Closer To The Edge: Our Favourite Friday Night Dinner Episodes


Series 6 of this beloved British tv show is underway; with nearly 40 episodes of classic family antics, wonderful Wilson moments, and the Goodmans being, well, the Goodmans. 

Mr Morris – Series 2, Episode 2

Mr Morris in season two is an iconic episode, as you get to meet the one and only Mr Morris (Owner of the second biggest button sewing factory in the South East, with 11 staff – and did you know he had survived three heart attacks?). Notorious for his bad driving, he crashes into the Goodman residence with new piece-of-skirt Grandma Nelly. Seething with hatred for the Rutherford sewing company, he calls anyone who he disagrees with a “slanderer” or worse, a “punk-rocker”. He is absolutely chock-full of one-liners, with his nasty and dominant ways taking over the conversations in the episode. Yet you can do nothing but laugh at his grumpy old man ways and his iconic characterization as the Goodmans try to adapt to his presence. He becomes a recurring character over the later seasons becoming a regular at the house, following Grandma wherever she goes.

-Jack Nash

The Mouse – Series 2, Episode 6

The penultimate episode of Series 2 sees the Goodman’s oddball neighbour, Jim, finally procuring his much coveted place at their table for a ‘real Jewish dinner’. Chaotic antics ensue that see Jim – in his attempts to be respectful – make a ‘Jewish hat’ out of his own shirt, swig ‘traditional Jewish drinking water’ (which is in fact just salt water he watches Johnny tricking Adam with), as well as ultimately disrupting the families re-decorating by upsetting red paint everywhere and electrocuting himself twice in order to receive the kiss of life from Jackie.

‘The Mouse’ is exemplar of the shows simplistic yet effective framework, the mundane family ritual of weekly Friday night dinner that is set against everyday problems such as mice in the house and the chaos of interior decorating that becomes far more difficult when aggravating characters – be it the likes of Jim or the belligerent Mr Morris – are thrown in to the mix. As seen throughout the episode Mark Heap’s Jim teeters between offensive and somewhat creepy to pity provoking in his idiocy, with his doting upon ‘Jaahckie’ and ignorant fascination surrounding the families religion being defects of his character that have become emblematic of the show and staple in future episodes, much like Jackie’s infamous crimble crumble. Shalom.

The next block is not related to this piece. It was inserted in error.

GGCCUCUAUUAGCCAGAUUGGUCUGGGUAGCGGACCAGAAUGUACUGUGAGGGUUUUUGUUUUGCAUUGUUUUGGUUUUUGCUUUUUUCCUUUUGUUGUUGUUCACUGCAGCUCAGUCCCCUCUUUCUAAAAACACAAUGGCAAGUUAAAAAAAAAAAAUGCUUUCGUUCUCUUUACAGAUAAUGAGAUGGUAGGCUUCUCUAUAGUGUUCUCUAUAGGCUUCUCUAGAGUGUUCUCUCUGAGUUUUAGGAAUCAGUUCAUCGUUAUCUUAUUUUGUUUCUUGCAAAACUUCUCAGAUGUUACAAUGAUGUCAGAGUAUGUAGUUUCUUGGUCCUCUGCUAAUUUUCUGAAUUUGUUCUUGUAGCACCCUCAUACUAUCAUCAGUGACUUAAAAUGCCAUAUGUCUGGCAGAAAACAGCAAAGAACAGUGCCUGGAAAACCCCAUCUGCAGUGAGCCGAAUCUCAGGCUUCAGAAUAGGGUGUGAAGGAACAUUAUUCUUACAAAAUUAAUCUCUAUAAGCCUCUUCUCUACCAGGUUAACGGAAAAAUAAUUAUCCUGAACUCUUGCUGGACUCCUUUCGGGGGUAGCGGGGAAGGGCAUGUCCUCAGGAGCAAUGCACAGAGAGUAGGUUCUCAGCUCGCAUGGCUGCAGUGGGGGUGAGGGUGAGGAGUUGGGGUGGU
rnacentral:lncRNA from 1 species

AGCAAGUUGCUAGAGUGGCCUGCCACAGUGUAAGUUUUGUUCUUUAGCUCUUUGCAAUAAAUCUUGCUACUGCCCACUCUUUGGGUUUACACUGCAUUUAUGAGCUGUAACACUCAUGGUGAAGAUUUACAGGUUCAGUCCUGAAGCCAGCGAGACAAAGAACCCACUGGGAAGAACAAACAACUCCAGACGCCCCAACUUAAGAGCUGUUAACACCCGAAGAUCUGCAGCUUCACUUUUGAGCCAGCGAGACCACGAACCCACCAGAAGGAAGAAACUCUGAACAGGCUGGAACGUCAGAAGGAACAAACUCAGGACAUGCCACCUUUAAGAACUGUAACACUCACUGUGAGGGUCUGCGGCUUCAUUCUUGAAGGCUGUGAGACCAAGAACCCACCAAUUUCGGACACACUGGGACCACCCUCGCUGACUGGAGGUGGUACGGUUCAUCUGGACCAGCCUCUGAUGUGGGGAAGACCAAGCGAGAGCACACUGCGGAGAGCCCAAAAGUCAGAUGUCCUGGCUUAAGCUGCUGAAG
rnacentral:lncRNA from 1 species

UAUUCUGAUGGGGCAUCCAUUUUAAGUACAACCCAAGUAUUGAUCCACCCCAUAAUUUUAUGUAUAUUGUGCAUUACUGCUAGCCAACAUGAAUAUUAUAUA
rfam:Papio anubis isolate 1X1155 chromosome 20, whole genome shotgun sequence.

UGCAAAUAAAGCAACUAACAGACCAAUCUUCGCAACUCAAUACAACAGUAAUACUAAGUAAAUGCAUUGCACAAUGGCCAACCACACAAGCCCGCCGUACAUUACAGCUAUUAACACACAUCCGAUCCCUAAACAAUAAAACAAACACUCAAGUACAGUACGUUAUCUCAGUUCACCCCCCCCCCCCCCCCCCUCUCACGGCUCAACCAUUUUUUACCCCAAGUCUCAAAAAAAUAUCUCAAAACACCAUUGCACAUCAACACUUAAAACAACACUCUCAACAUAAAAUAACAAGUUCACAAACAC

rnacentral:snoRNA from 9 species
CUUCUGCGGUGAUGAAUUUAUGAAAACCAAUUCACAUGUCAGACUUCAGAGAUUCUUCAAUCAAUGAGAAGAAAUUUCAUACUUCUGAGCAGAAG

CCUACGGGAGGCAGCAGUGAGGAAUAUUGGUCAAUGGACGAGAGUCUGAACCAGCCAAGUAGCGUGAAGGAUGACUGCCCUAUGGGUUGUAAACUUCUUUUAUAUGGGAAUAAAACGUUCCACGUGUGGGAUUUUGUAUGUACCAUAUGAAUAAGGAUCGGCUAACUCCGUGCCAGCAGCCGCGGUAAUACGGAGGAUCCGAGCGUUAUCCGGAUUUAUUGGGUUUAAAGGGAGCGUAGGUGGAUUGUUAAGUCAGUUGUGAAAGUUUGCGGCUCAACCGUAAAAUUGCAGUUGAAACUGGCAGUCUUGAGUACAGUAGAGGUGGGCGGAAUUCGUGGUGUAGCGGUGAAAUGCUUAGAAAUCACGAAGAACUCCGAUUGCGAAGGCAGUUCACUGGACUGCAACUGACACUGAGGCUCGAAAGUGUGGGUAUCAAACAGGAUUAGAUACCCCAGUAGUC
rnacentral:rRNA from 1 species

-Brooke Smith

Lord Luck – Series 5, Episode 4

One of Friday Night Dinner‘s many strengths is in its cast’s ability to turn material that shouldn’t be funny into some of the best comedy on TV. ‘Lord Luck’ is one of the best examples of this, with Martin reunited with a ventriloquist dummy from his youth after Jonny stumbles upon it in the loft. Martin’s baffling affinity for this scary-looking doll is made even more ridiculous by his complete inability to perform ventriloquism. His incompetence is worth it, however, for a moment where he tries to console Jonny’s friend Ben, who is round the Goodman house for a pick-me-up after getting dumped by his fiancé. Martin, and Lord Luck, aren’t scared to tell the depressed Ben the truth: “she’s not coming back, mate… the thing is, life’s a buggerrrrrrrrrr!” Martin’s squeaky voice – and frank honesty – is just stupidly funny.

– Joe Williams



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Masters chemistry student and Editor for The Edge. I'm into gaming, music and TV; Essentially anything pop culture is my kinda thing.

21 English Lit Student

Film Editor 2019/20. Enjoys classic Simpsons, R.E.M. and the MCU.

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